Analyzing the Effectiveness of State-guided Innovation

Rodney H. Yerger

Advisor: Peter J Boettke, PhD, Department of Economics

Committee Members: Peter T. Leeson, Rosolino Candela

Online Location, Online
April 12, 2023, 12:00 PM to 02:00 PM


A crucial debate exists over the effectiveness of government-guided innovation efforts, which recently through economist, Mariana Mazzucato’s arguments for an entrepreneurial state that encourages the public sector’s active role in technological change and value creation, is considerably shaping global policy. This dissertation addresses three main arguments promoted by advocates of the entrepreneurial state. First, the claim that government is the boldest innovator accountable for the greatest value to society. Second, the assertion that public sector agents can provide mission-oriented directionality to harness creative destruction through entrepreneurial action. Finally, the contention that government bureaucracy can be transformed through a strategic structuring that would improve upon the dynamic capabilities necessary to pursue and direct innovation.

The first chapter consists of a review essay of Deirdre McCloskey and Alberto Mingardi’s book, The Myth of the Entrepreneurial State (2020), wherein I conduct a comparative institutional analysis on the effectiveness of state-guided versus private sector innovation. I argue that many of Mazzucato’s assertions of the state providing mission-oriented directionality that drives technology development do not survive the scrutiny of McCloskey’s Supply-Chain Fallacy, the belief that every item in a line of production or chain of events is necessary and causal. However, through separate use case analyses, I do find occasions of public sector innovation success in the development of military technologies, particularly during times of war, which can have beneficial spillover effects.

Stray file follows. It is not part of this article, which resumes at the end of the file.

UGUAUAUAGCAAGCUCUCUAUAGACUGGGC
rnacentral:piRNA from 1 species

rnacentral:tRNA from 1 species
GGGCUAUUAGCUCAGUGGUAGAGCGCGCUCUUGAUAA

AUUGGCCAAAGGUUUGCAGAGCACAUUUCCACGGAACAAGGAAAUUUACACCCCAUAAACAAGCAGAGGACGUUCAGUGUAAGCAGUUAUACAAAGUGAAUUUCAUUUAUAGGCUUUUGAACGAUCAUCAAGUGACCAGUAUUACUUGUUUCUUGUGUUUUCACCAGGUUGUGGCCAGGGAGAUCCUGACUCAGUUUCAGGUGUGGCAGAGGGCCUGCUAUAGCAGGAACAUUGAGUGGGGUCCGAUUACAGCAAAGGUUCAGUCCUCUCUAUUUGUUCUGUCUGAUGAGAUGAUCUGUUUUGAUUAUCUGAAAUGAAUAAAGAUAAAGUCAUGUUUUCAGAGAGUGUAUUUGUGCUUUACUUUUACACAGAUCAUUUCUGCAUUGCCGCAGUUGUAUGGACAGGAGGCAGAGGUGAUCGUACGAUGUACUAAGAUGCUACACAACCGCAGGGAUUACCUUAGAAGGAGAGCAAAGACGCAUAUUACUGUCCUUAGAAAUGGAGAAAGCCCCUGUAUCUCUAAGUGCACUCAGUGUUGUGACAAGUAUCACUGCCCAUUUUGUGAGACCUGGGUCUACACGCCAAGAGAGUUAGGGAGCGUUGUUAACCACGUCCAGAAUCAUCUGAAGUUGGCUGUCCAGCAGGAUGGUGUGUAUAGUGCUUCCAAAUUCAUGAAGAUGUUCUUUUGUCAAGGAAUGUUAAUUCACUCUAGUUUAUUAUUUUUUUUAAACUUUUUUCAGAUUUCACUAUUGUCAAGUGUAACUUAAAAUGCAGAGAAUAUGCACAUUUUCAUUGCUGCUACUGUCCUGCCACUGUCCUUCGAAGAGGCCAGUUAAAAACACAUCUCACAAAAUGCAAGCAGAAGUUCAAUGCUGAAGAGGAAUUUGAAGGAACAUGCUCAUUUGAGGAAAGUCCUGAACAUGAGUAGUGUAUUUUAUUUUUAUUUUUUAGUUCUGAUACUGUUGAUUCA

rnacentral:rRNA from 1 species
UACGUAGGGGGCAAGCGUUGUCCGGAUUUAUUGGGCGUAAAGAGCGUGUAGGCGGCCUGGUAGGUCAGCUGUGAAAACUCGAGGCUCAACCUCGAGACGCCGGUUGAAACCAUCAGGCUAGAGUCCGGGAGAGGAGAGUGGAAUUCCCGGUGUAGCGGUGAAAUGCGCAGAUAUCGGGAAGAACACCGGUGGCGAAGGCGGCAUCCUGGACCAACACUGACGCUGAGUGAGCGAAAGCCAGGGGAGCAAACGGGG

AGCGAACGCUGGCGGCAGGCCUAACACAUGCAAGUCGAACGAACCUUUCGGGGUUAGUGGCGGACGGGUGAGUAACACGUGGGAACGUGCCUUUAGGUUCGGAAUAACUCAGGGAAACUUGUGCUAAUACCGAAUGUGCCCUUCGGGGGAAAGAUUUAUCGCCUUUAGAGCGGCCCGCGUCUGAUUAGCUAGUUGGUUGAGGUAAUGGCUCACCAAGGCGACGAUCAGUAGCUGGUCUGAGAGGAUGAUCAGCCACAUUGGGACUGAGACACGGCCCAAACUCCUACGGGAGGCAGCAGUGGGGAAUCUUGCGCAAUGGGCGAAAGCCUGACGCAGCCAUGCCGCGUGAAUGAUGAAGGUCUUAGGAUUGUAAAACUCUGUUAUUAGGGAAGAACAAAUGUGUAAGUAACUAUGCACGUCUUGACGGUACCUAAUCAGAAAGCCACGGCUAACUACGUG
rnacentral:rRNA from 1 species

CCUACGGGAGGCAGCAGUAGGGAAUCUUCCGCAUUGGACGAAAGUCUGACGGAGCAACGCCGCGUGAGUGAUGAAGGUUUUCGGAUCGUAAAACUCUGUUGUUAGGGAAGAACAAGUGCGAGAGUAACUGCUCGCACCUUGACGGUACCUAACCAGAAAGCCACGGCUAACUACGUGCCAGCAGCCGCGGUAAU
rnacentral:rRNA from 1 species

The second chapter assesses the viability of the public sector entrepreneur in accomplishing state-guided innovation. Leveraging elements of political economy and public choice theory, I argue that while the public sector agent can suitably perform an entrepreneurial function, the checks and balances provided by political institutions severely constrain innovativeness while information and incentive problems can channel alertness to political profit towards unproductive or destructive outcomes. I support my assertions by examining key findings from empirical research studies of the Small Business Innovation Research program as well as by conducting an empirical analysis on the crowding out effects from direct government subsidies of business-performed research and development.

The final chapter executes a case study analysis on the Defense Advanced Research Projects Agency (DARPA), which is touted as a model organization for inducing public sector innovation of emerging technologies. Applying economic theory and employing empirical analysis, I objectively examine key factors that are attributed to DARPA’s success, such as the organization’s autonomy, small size, and limited tenure of its program managers, in order to assess the worthiness of the agency’s exemplar status for strategic organizational structuring that empowers a mission-oriented approach to innovation.